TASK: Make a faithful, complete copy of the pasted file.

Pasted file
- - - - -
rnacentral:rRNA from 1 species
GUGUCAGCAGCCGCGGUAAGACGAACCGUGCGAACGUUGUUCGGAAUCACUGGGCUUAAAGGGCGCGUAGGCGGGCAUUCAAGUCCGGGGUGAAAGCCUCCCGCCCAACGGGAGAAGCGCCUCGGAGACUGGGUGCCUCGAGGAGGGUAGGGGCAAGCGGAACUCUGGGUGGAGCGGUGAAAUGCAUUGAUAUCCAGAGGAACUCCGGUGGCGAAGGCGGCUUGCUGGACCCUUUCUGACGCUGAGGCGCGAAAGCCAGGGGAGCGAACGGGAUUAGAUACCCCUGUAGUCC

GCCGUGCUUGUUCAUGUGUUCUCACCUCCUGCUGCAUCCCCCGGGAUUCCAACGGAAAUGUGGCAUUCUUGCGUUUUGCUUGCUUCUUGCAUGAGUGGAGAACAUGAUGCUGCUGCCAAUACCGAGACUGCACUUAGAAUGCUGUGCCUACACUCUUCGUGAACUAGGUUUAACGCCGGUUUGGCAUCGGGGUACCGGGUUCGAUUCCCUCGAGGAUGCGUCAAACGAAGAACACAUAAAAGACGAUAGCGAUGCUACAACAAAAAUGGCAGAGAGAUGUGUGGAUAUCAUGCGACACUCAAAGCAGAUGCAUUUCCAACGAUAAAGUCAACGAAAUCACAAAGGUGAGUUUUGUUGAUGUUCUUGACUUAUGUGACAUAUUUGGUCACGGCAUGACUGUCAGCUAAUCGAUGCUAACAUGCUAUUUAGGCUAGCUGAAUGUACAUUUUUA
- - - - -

rnacentral:rRNA from 1 species
GUGUCAGCAGCCGCGGUAAGACGAACCGUGCGAACGUUGUUCGGAAUCACUGGGCUUAAAGGGCGCGUAGGCGGGCAUUCAAGUCCGGGGUGAAAGCCUCCCGCCCAACGGGAGAAGCGCCUCGGAGACUGGGUGCCUCGAGGAGGGUAGGGGCAAGCGGAACUCUGGGUGGAGCGGUGAAAUGCAUUGAUAUCCAGAGGAACUCCGGUGGCGAAGGCGGCUUGCUGGACCCUUUCUGACGCUGAGGCGCGAAAGCCAGGGGAGCGAACGGGAUUAGAUACCCCUGUAGUCC

GCCGUGCUUGUUCAUGUGUUCUCACCUCCUGCUGCAUCCCCCGGGAUUCCAACGGAAAUGUGGCAUUCUUGCGUUUUGCUUGCUUCUUGCAUGAGUGGAGAACAUGAUGCUGCUGCCAAUACCGAGACUGCACUUAGAAUGCUGUGCCUACACUCUUCGUGAACUAGGUUUAACGCCGGUUUGGCAUCGGGGUACCGGGUUCGAUUCCCUCGAGGAUGCGUCAAACGAAGAACACAUAAAAGACGAUAGCGAUGCUACAACAAAAAUGGCAGAGAGAUGUGUGGAUAUCAUGCGACACUCAAAGCAGAUGCAUUUCCAACGAUAAAGUCAACGAAAUCACAAAGGUGAGUUUUGUUGAUGUUCUUGACUUAUGUGACAUAUUUGGUCACGGCAUGACUGUCAGCUAAUCGAUGCUAACAUGCUAUUUAGGCUAGCUGAAUGUACAUUUUUA